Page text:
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Leftover Ham Fried Rice with Pineapple | Turn your leftover ham into a quick meal that tastes better than Chinese takeout. Learn all the secrets to creating the best fried rice without a wok. {Gluten-Free}

Leftover Ham Fried Rice with Pineapple

5 from 5 votes
Turn your leftover ham into a quick meal that tastes better than Chinese takeout. Learn all the secrets to creating the best fried rice without a wok. {Gluten-Free}
Author: Maggie Zhu
Course: Main, Side
Cuisine: Chinese
Keyword: takeout
Prep Time: 15 minutes
Cook Time: 10 minutes
Total Time: 25 minutes
Servings: 2 to 4

Ingredients

  • 3 tablespoons soy sauce
  • 2 tablespoons pineapple juice
  • 3 tablespoons peanut oil (or vegetable oil)
  • 1 cup leftover ham , diced
  • 1/2 cup pineapple , diced
  • 1/2 bell pepper , diced (yields about 1/2 cup)
  • 2 cloves garlic , minced
  • 3 cups cooked rice overnight long grain rice
  • 3 eggs , beaten
  • Salt , to taste

Instructions

  • Mix the soy sauce and pineapple juice together in a small bowl.
  • Add 1 tablespoon of oil to a large nonstick pan and heat it over medium-high heat until hot. Add the ham and pineapples. Cook, stirring occasionally, until caramelized, about 2 to 3 minutes.
  • Add the bell peppers. Stir a few times to mix well, then transfer everything to a plate and set aside.
  • Add 1 1/2 tablespoons of oil and the garlic into the skillet. Stir a few times to release the fragrance. Add the rice and spread it out with your spatula. Cook, stirring occasionally, until the rice is lightly toasted.
  • Move the rice to one side of the pan and add the remaining 1/2 tablespoon of oil to the other side of the skillet. Add the beaten eggs onto the oil. Let it cook until the bottom sets, 30 seconds. Scramble a few times until most of the eggs are cooked but some parts are still runny. Mix the rice into the egg, chopping and stirring to mix everything together.
  • Move the rice to the edge of the pan to make a well in the center. Pour the soy sauce and pineapple juice into the center. Let it cook for a few seconds to evaporate the liquid. Stir everything together until the rice is evenly coated with the seasonings. Let it cook, stirring occasionally, until the moisture is cooked off.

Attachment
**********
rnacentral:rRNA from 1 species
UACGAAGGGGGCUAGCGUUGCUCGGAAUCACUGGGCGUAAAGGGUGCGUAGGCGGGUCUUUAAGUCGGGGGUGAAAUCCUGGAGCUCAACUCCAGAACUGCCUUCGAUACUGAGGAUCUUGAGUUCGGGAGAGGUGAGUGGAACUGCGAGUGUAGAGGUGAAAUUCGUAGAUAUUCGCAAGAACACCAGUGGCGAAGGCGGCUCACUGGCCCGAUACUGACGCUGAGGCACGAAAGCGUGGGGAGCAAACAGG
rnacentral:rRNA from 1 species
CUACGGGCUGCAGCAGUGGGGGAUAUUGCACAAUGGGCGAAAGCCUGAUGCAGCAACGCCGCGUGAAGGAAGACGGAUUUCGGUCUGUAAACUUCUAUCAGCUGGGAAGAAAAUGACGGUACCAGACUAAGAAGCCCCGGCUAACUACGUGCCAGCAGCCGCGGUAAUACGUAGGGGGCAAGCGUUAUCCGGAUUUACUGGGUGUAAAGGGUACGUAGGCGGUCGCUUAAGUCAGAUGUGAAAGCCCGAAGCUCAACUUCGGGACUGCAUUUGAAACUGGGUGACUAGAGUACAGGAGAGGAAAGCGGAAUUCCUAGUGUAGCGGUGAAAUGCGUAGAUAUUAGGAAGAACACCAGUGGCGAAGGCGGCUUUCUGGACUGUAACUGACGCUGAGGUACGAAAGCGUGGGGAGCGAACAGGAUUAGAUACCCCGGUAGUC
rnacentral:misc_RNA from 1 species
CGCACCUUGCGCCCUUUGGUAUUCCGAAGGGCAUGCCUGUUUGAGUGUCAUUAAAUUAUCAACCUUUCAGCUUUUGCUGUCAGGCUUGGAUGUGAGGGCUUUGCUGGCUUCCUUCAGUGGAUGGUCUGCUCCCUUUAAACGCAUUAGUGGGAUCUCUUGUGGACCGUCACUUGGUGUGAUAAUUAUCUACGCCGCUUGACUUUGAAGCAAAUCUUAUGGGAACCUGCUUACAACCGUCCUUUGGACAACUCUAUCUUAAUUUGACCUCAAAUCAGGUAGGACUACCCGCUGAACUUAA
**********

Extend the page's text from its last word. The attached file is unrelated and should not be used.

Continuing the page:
• Add the cooked ham mixture back into the pan. Stir everything together. Taste the rice. Add a pinch of salt and mix again, if needed.
  • Serve hot as a main dish.

Nutrition

Serving: 1serving, Calories: 388kcal, Carbohydrates: 44.8g, Protein: 14.2g, Fat: 16.7g, Saturated Fat: 3.8g, Cholesterol: 142mg, Sodium: 1166mg, Potassium: 287mg, Fiber: 1.7g, Sugar: 4.1g, Calcium: 48mg, Iron: 3mg
Did You Make This Recipe?Don't forget the last step! Tag me @OmnivoresCookbook and #OmnivoresCookbook on Instagram!
Leftover Ham Fried Rice with Pineapple | Turn your leftover ham into a quick meal that tastes better than Chinese takeout. Learn all the secrets to creating the best fried rice without a wok. {Gluten-Free}

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Reader Questions and Reviews

  1. Jihad Bilal says:

    5 stars
    If you want to clear up your refrigerator from leftovers, this is the recipe you want to use. About every two weeks, I use every thing I have saved but never used to make this recipe. You cannot go wrong because anything you use here works fine. I have used turkey meat, rotisserie chicken meat (from Costco), BBQ steaks, you name it. As Maggie says, just cut everything in small sized cubes.

    Excellent recipe that is very tasty and in the meantime to clear up your refrigerator.!!!

    Thanks Maggie.

  2. Makeelee says:

    5 stars
    Excellent recipe with clear instructions. My only comment and recommendation is to use dark soy sauce instead of regular soy sauce. Dark soy sauce has a little sugar in it and it will stick to the pan, but it gives this dish (and many others) a better presentation and darker veneer that is often seen in restaurant dishes.

  3. Nikki says:

    5 stars
    Really nice recipe, full of flavour and easy to make.

  4. Deven Kinkead says:

    5 stars
    This looks like what I’m looking for and it looks amazing. I’m cooking this tonight. Someone closed to me used to make us ham fried rice with pineapple all the time. I’ve tried many fried rice recipes with soy sauce and I find that the soy sauce tends to be overpowering. Which is strange as when we out out and get fried rice at restaurants, I never taste the soy sauce. (Obviously I’m not a huge fan). Is there something I’m doing wrong? Or perhaps not getting the right brand of soy sauce?

    • Maggie says:

      Hi Deven, I think Chinese restaurant usually does not use as much soy sauce or they use an array of seasonings to balance the taste (same like my mom’s cooking, she mainly use salt to season and only adds a small amount of soy sauce to add umami). After living in the US, I gradually increase the soy sauce amount in my recipes somehow because that’s a common way of cooking here and many of my readers expect the taste. I used quite a bit soy sauce in this recipe because it actually works with the sweet pineapple and the salty ham. If you’re afraid the soy sauce taste to be too strong, what you can do is to use 1 tablespoon soy sauce plus 1 tablespoon Shaoxing wine (if you have any), and use salt to season the dish towards the end of the cooking. A pinch of chicken bouillon powder goes a long way too (we commonly use it for home cooking in China, but I rarely mention it here because most people don’t like the MSG in it).
      Happy cooking and I’m looking forward to hearing your feedback 🙂

  5. SLA says:

    5 stars
    Recipe was easy to follow and delicious. We’re going to try with shrimp the next time!